Sarcomas of the Skin
Dermatofibrosarcoma protuberans (DFSP) is a fairly uncommon, low-grade skin cancer that can be difficult to cure. Like most skin cancers, it is not caused by solar radiation, but instead is caused by an accidental rearrangement of DNA in a gene. It affects people of all races, but it is somewhat more common in those with more darkly pigmented skin. DFSP occurs most commonly in the young and middle-aged, from 18-55 years old.
Dermatofibrosarcoma protuberans arises in the second layer of skin, the dermis, and can spread to much deeper structures including the subcutaneous fat, muscle, and even bone. It metastasizes (spreads internally through lymph nodes or the blood stream) in a very low number of cases, and generally only after the tumor has become very large. A typical presentation of DFSP is that of a firm knot under the skin that grows very slowly. It may form a scar-like lesion on top of the skin. In time, large aggressive tumors can form.
Treatment is complete surgical removal. The problem with DFSP is that it forms roots like tentacles that spread very much wider and deeper than can be seen with the eye. Wide surgical excision can miss these roots resulting in recurrence in a high number of cases (16-50% in different studies). Failure to clear the tumor can lead to these tumors recurring as very large, deep tumors that can pose extreme problems. By contrast, Mohs surgery has recurrence rates that are dramatically lower, on the order of 2%. For this reason, Mohs micrographic surgery is now considered the treatment of choice for DFSP.
Atypical Fibroxanthoma (AFX) is a common tumor that appears in older patients in heavily sun-exposed areas. It appears most often on the scalp, face and neck in older, fair-skinned men. AFX arises quickly and ulcerates to form a red, bleeding nodule. It can be confused with other types of skin cancer and a biopsy to exclude other types of cancer is the only way to make the diagnosis. AFX is thought to be a superficial variant of the more aggressive malignant fibrous histiocytoma . Fortunately, despite the ominous appearance of this cancer, it rarely metastasizes (spreads internally through lymph nodes or the blood stream), perhaps because it is usually cured surgically before allowed to spread. Inadequately treated or deeper lesions can become deadly, but htis is rare. Mohs micrographic surgery is often used to clear margins and keep the wound small, but simple wide surgical excisions is also effective.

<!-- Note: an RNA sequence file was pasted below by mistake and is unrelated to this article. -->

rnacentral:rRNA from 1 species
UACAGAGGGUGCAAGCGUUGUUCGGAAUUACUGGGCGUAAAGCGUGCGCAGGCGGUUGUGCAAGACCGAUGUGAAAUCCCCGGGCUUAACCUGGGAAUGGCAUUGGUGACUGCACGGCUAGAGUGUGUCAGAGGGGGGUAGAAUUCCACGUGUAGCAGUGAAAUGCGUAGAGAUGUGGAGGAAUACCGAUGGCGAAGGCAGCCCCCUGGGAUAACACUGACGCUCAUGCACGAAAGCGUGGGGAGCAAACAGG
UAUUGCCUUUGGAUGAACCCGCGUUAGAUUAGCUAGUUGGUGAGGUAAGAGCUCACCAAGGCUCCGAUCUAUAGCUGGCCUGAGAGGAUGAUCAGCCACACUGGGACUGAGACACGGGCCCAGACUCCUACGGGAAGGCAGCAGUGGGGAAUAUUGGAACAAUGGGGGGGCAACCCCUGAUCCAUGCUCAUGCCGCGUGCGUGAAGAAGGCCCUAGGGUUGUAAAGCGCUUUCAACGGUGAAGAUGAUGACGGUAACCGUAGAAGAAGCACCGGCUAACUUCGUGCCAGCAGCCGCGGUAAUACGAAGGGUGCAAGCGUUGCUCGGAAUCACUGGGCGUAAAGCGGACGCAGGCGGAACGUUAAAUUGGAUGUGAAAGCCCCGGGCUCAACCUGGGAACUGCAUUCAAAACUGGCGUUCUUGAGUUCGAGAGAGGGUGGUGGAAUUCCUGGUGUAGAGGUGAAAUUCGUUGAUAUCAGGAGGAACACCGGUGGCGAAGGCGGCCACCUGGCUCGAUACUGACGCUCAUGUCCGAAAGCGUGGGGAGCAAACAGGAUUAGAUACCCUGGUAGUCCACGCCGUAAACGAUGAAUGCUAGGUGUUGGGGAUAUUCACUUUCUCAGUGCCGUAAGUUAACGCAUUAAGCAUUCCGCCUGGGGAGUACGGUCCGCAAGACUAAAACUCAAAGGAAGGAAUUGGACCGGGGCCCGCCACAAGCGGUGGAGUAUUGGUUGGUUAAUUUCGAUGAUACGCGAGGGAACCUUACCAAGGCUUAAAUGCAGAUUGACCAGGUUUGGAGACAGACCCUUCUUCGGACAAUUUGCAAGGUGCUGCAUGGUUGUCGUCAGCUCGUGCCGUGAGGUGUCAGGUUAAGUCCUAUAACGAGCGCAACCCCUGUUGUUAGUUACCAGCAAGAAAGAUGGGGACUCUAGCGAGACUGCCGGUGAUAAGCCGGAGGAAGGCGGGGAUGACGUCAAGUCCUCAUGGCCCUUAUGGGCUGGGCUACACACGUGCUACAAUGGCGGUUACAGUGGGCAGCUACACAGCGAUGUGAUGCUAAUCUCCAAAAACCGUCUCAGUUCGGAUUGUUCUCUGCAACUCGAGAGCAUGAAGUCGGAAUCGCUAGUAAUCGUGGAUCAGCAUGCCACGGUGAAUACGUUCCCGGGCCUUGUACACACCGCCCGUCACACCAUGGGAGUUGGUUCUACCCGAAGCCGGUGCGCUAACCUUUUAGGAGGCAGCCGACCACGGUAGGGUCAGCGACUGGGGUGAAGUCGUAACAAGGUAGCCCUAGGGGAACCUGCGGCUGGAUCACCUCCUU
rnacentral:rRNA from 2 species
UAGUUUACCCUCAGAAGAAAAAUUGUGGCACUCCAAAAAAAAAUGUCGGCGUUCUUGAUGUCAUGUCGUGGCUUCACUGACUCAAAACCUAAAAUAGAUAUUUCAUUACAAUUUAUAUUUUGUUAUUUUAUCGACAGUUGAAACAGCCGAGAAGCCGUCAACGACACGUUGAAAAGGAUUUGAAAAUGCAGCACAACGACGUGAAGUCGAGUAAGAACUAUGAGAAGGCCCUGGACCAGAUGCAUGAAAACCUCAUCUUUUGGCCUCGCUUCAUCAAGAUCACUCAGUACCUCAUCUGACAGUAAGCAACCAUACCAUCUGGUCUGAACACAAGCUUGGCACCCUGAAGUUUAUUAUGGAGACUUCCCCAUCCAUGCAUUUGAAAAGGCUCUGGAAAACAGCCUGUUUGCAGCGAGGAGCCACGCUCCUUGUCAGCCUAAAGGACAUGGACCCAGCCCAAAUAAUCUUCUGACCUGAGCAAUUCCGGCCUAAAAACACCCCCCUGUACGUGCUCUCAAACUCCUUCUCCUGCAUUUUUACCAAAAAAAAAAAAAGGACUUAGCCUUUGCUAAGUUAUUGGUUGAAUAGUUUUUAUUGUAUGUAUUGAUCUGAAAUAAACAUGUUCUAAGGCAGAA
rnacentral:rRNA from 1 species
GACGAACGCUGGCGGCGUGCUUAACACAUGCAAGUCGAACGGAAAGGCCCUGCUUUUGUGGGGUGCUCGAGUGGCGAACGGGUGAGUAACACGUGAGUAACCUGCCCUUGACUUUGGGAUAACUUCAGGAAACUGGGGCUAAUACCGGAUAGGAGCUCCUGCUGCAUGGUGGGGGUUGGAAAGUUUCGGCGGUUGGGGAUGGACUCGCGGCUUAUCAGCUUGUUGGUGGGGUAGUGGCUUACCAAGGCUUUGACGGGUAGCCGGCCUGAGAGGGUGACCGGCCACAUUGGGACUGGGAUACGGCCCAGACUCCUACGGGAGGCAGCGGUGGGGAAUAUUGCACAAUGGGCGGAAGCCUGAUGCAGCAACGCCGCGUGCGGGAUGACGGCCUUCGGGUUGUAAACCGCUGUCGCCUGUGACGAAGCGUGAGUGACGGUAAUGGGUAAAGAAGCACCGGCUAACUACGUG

Malignant Fibrous Histiocytoma is the most common type of cancer that forms in the soft tissue. It is generally found on areas such as the upper legs, arms or abdomen. It has been found to develop in areas of the body where radiation therapy was given in the past. Malignant fibrous histiocytomas often grow quickly and spread to other parts of the body, including the lungs.
Leiomyosarcoma is an uncommon tumor of smooth muscle fibers. It can begin in muscle cells inside the body, in which case it can be a very aggressive cancer. If it arises from the skin, leiomyosarcoma is almost always curable because patients notice them and they are treated before they can become large and dangerous. Leiomyosarcoma of the skin arises from the smooth muscle fibers known as the arrector pili muslce that attaches to the hair follicle. The cause of this cancer is unknown, and probably not sun related. Leiomyosarcoma usually presents as a firm bump just under the skin that can be painful to the touch. These usually occur on the lower legs and arms, but can appear anywhere. If caught early, these tumors are very curable. Occasionally these tumors metastasize (spread internally through lymph nodes or the blood stream), especially if they have been allowed to grow to large size before treatment. The best treatment is surgical excision, and Mohs micrographic surgery is often recommended.